Grand Staircase National Monument

In 1996, President Clinton created an outcry in western states with the words:

NOW, THEREFORE, I WILLIAM J. CLINTON, President of the United States of America, by the authority vested in me by section 2 of the [Antiquities] Act of June 8, 1906 (34 Stat. 225, 16 U.S.C. 431), do proclaim that there are hereby set apart and reserved as the Grand Staircase-Escalante National Monument, for the purpose of protecting the objects identified above, all lands and interests in lands owned or controlled by the United States within the boundaries of the area described on the document entitled “Grand Staircase-Escalante National Monument” attached to and forming a part of this proclamation

By presidential proclamation he set nearly 1,700 square miles of Bureau of Land Management lands in Utah off limits with his surprise designation of the Grand Staircase – Escalante National Monument and, with it, access to over 11 billion tons of recoverable, low sulfur, high btu (energy) coal. Several more such designations followed in what many felt was a War on the West.

A recently revealed Department of Interior “internal working document” has set off similar fire alarms across the West. It identifies BLM lands as potential sites for designation as new national monuments, as possibly meriting “special conservation” status or as targets of “land rationalization”. Unlike a national park or national wildlife refuge, these actions are carried out by the Executive Branch without any need for Congressional approval.

The Department of Interior document in question ­- reportedly drafted at the behest of Obama’s Interior Secretary Ken Salazar – identifies more than six times the land area locked up in the Grand Staircase designation and, like it, has the potential to thwart access to a wealth of natural resources including oil, gas, gold and timber. The document’s brief descriptions of the potential national monuments in AZ, CA, CO, MT, NM, OR, UT and WA does not include acreage figures for all of the14 BLM sites. The total for where figures are given is 13,535,000 acres, an area larger than Maryland and Delaware combined. In counties with land bases predominately held by the BLM, eliminating access to natural resources on these lands can be near mortal economic wounds.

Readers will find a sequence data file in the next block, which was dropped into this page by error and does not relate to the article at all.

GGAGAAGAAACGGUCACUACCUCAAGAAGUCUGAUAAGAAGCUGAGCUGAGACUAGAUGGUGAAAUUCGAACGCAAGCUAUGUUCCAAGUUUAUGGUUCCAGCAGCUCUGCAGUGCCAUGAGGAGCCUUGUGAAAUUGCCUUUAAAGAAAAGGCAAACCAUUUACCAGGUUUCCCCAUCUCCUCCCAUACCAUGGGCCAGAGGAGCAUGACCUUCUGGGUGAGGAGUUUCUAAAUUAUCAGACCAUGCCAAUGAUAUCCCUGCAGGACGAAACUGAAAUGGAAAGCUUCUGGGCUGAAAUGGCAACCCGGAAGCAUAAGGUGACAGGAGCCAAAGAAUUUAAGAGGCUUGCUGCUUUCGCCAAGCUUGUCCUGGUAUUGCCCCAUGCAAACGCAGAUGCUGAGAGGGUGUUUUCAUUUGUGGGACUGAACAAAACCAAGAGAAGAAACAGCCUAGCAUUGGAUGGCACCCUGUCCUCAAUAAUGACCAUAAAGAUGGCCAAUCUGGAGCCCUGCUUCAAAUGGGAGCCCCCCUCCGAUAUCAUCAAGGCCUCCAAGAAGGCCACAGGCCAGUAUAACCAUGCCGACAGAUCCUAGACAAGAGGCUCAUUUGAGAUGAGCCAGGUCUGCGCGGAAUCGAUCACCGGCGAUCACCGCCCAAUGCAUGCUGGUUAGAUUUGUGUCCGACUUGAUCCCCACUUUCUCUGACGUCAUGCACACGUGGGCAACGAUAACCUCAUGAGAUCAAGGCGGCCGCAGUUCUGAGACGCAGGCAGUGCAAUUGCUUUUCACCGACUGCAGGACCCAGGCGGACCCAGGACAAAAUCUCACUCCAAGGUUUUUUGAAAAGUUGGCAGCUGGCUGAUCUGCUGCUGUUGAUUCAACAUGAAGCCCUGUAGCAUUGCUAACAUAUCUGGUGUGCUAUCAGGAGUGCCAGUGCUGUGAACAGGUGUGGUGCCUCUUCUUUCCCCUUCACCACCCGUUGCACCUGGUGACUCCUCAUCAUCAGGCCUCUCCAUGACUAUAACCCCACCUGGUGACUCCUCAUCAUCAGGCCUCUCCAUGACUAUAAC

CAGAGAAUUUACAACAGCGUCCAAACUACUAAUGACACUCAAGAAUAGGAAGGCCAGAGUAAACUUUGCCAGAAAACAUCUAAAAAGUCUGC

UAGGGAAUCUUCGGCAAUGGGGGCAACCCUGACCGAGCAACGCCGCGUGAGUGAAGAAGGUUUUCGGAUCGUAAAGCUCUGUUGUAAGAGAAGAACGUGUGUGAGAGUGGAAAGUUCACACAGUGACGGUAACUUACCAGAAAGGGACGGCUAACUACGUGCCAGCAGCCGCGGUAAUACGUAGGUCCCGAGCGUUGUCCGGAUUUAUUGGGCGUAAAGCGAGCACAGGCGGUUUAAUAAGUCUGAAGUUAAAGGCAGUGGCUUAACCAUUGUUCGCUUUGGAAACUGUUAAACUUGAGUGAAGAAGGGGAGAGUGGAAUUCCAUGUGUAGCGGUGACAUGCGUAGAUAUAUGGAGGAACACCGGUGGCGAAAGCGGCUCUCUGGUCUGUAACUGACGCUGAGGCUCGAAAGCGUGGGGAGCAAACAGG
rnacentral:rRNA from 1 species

For one Nevada site, the document’s narrative justifying its inclusion states that it is “…a center of climate change research…” while for another site it states that the possible national monument location “…contains 30% of the lesser prairie chicken habitat in southeastern New Mexico.” Two of the possible monument sites cover another 1,474,000 acres of Utah. Harkening back to the Clinton era national monument designation, Utah Representative Rob Bishop, the head of the Congressional Western Caucus in the House of Representatives, told his state’s largest paper, “We’ve been burned before, and I want to make sure we’re not burned again.”

While the document’s section addressing possible national monuments has garnered most of the attention, other sections address areas that may be suitable for “Conservation Designations” or fall under the heading “Cost Estimates: High Priority Land Rationalization.” Three areas are identified as possible targets for a conservation designation, one in Wyoming and two in Alaska. If a conservation designation is conferred upon one of the later, Bristol Bay, it could serve as a club for those seeking to stymie development of a mine in Alaska. The ore deposits there are estimated to contain 94 million ounces of gold and 72 billion pounds of copper. Opponents of developing the mine claim it is a threat to Bristol Bay.

Like the monuments and conservation designations, the “land rationalization” efforts would focus on western lands – CA, CO, ID, MT, NV, OR, UT and WY – and include states through which National Historic and Scenic Trails traverse. The document anticipates lands that would augment the trails being targeted with an “aggressive willing seller program”.  For a land rationalization effort in the Upper Green River Valley of Wyoming, the document targets a “…stretch [that] features a small number of very large privately-owned ranches…” By the Interior Department’s own back of envelop calculations, the cost of Federal government absorbing just these Wyoming ranches would be around $2.4 billion.

Why, when we are broke and the Federal government already owns more land than the total area of Mexico and Spain combined, do we need to acquire more? Why do we need more in a state like Wyoming where the Federal Government already owns about half of everything?  How is spending the equivalent of more than 50,000 times the median income of a Wyoming family to rid the state of a few “large private” ranches a good idea? In this economic climate what rationale can the Obama Administration offer to spend tax dollars on these ranches or to lock up land that “contains 30% of the lesser prairie chicken habitat in southeastern New Mexico”? (Not to be confused with land harboring greater prairie chickens or with lesser prairie chicken habitat elsewhere in New Mexico, Texas and Oklahoma.)

In the case of the lesser prairie chicken the document opines that putting this area off limits is the best chance to avoid adding the prairie chicken to the endangered species list, implying that by doing so the burdens of the Endangered Species Act – like putting land off limits – could be avoided.  Elsewhere the document mentions promoting ecotourism and “unique” sailing and sea kayaking opportunities. Perhaps the millions of newly unemployed can spend their free time searching for lesser prairie chickens or sea-kayaking. Westerners are right to ring the alarm bells about War on the West II.